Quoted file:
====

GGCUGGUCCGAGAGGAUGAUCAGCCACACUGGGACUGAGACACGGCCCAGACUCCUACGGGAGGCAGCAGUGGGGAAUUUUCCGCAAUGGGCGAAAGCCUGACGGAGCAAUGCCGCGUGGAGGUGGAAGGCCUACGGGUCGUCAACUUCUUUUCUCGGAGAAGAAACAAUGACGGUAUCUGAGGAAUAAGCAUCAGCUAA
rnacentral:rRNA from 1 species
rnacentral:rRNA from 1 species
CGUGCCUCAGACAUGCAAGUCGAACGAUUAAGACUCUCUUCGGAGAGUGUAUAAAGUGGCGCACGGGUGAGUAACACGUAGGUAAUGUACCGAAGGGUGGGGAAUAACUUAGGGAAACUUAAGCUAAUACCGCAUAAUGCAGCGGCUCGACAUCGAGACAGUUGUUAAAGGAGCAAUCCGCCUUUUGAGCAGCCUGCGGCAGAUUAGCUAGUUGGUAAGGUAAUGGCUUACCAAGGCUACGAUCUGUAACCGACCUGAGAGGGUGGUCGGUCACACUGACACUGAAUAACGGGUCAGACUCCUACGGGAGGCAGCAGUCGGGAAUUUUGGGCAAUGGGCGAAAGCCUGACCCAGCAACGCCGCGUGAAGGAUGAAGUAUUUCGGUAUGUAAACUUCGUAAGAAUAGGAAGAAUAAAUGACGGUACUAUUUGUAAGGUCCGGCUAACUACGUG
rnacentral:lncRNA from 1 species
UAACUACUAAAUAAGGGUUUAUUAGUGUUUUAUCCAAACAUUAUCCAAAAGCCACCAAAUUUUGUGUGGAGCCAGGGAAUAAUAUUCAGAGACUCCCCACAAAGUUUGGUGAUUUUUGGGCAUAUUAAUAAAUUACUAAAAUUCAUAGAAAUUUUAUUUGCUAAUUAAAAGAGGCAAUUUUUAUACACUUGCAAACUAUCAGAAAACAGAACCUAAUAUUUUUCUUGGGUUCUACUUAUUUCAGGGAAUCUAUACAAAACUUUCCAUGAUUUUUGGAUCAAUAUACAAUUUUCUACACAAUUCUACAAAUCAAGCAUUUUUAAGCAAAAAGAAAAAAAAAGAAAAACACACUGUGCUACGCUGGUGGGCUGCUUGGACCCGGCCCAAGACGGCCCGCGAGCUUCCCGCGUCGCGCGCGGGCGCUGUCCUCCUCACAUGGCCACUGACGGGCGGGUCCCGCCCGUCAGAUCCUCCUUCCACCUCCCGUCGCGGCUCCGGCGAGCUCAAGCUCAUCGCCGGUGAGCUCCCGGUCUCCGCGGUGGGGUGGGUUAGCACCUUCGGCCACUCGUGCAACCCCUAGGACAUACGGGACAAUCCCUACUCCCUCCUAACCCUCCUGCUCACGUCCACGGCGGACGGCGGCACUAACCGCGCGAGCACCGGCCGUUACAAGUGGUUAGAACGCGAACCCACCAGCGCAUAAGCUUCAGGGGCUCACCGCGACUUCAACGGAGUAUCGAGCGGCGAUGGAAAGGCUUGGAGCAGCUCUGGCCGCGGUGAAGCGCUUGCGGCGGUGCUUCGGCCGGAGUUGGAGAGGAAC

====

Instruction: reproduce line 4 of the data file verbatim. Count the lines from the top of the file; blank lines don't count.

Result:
CGUGCCUCAGACAUGCAAGUCGAACGAUUAAGACUCUCUUCGGAGAGUGUAUAAAGUGGCGCACGGGUGAGUAACACGUAGGUAAUGUACCGAAGGGUGGGGAAUAACUUAGGGAAACUUAAGCUAAUACCGCAUAAUGCAGCGGCUCGACAUCGAGACAGUUGUUAAAGGAGCAAUCCGCCUUUUGAGCAGCCUGCGGCAGAUUAGCUAGUUGGUAAGGUAAUGGCUUACCAAGGCUACGAUCUGUAACCGACCUGAGAGGGUGGUCGGUCACACUGACACUGAAUAACGGGUCAGACUCCUACGGGAGGCAGCAGUCGGGAAUUUUGGGCAAUGGGCGAAAGCCUGACCCAGCAACGCCGCGUGAAGGAUGAAGUAUUUCGGUAUGUAAACUUCGUAAGAAUAGGAAGAAUAAAUGACGGUACUAUUUGUAAGGUCCGGCUAACUACGUG